Rangers administration: Easy to get lost in moral maze
Are Rangers heading for liquidation or rescue? Even the experts can’t agree, discovers Andrew Smith
RANGERS’ prospects of preserving their 140-year history have boiled down to the ability of the club’s administrators Duff & Phelps to obtain a Company Voluntary Agreement (CVA). And a spot of channel-hopping the other night illustrated precisely the extraordinary difficulties in arriving at any conclusion on the likelihood of that.
On Thursday evening, on STV’s Scotland Tonight, David Hillier, a professor of finance at Strathclyde University, presented a wholly optimistic rendering of Rangers’ position. The club wouldn’t owe as much as the headline figure of £134 million announced in the creditors’ report. Owner Craig Whyte would agree to a transfer of his 85 per cent shareholding to avoid liquidation, because the end of the current Rangers as a going concern would put him under scrutiny from financial authorities who have previously banned him from holding a directorship. And HMRC would do a pence-in-the-pound deal because it is not in the habit of putting football clubs out of business, generating no return for the taxpayer.
Hardly had Hillier concluded his musings, when, over on BBC2, Newsnight Scotland carried an interview with Maureen Leslie, a partner with insolvency firm MLM Solutions. Her take was practically a riposte to the professor. The situation was grave because the administrators were not in a position to sell Rangers as a going concern because they had no agreement from Whyte to sell his shares to anyone. Moreover, she produced documentation from HMRC in which the tax department stated it was its policy to reject CVAs if there had been an evasion of tax liabilities from the company seeking this – exactly how HMRC views the Employee Benefit Trusts, which are the subject of a tribunal decision which could potentially cost Rangers £75m. On this matter, it seems you speak to your expert and take your choice.
The choices for bidders will very much depend on the tribunal outcome and Whyte’s amenability to strike a deal for a company in which he represents the only secured creditor, which means he would need to be satisfied to the tune of £25m before any other creditors received a penny in the event of liquidation. Can he be coaxed into accepting a far smaller return?
And what of HMRC? The man fronting the “Singapore bid”, Bill Ng, has said that he believes his £12m offer for the creditors’ pot will return 20p in the pound to creditors. For that to be true, Rangers would need to win the big tax case, since its known liabilities are £60m. Ng’s position is fanciful. Yet, it is likely his purchaser’s fee is at least the equal of the other bidders, the Blue Knights headed by Paul Murray, and Bill Miller’s American consortium.
Where Hillier and Leslie were in broad agreement was the sum that would make a CVA attractive to creditors – or “commercially viable” as David Whitehouse of Duff & Phelps called it. Both put a figure of around £25m on that. Whitehouse has said the CVA is in the “gift” of bidders. It is not a gift they seem prepared to give. And this is where this attempted sale of the club, as with the last one, has demolished the myth that there are wealthy Rangers supporters out there who would never let the club go to the wall. They are letting this happen because all the bidders appear to be looking at, best case, a 12p-in-the-pound return to creditors. That is where HMRC, and the game, could be lost.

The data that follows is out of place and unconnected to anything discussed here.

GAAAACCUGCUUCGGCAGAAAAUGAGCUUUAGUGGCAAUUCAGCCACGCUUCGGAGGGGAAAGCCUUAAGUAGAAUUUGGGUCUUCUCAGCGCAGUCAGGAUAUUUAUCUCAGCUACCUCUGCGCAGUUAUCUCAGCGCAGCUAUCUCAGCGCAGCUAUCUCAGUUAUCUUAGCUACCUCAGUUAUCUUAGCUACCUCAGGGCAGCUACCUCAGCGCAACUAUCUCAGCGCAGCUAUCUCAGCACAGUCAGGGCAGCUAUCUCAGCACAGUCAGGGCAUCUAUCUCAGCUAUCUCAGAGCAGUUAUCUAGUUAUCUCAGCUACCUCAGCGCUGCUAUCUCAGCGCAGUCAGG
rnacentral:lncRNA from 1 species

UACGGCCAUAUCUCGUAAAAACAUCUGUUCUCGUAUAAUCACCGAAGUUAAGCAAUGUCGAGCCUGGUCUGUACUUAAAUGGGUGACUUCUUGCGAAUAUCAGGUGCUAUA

Even if, as appears reasonable, the tribunal brings a tax demand closer to £50m for Rangers’ EBT illegality, that would still mean HMRC being owed nearly £65m. That would make it by far the club’s greatest creditor, and essentially able to block or carry the CVA – which needs those owed 75 per cent of the debt to vote for it to be carried.
Now, if HMRC settled for only £7m, that could be seen to provide a “tax cheat’s charter”. In that scenario, it would raise more from putting Rangers into liquidation, and thus putting the frighteners on other potentially tax-shirking clubs.
In 2010, HMRC turned down a £10m settlement offer from Rangers for the EBT case, which is all about £24m tax underpayment, the headline figure of £75m being arrived at through interest and penalties. Since that rejected offer, the club has withheld a further £14m in tax returns – principally from PAYE and national insurance contributions – in the past year. That is a huge no-no for HMRC. Could it really afford to go so soft on Rangers as to accept only a fifth of what the Ibrox club should have paid in tax? Could it afford not to if the alternative was losing out on future tax revenues and liquidating a brand and a huge Scottish institution? That question is what Leslie and others have called the “moral hazard”.
The only adjunct to that point concerns whether a new owner would be prepared to agree a repayment plan for more of the potential £65m bill. These have been put in place at other clubs, with the repayment schedule ranging from two to five years. However, HMRC will be well aware of the case of Portsmouth, which came out of administration two years ago, agreeing to stagger a tax debt, and are now back in administration having paid back nothing of that.
Suppose, though, that around £25m was in the purchaser’s pot. That would provide HMRC with around £15m, more than it turned down two years ago, and more than was racked up under Whyte. It would serve the taxpayers’ interests to accept a CVA that returned them that. The £25m bid, the saving bid, just isn’t there, though.
No-one with the right financial clout seems to value Rangers’ history that much.
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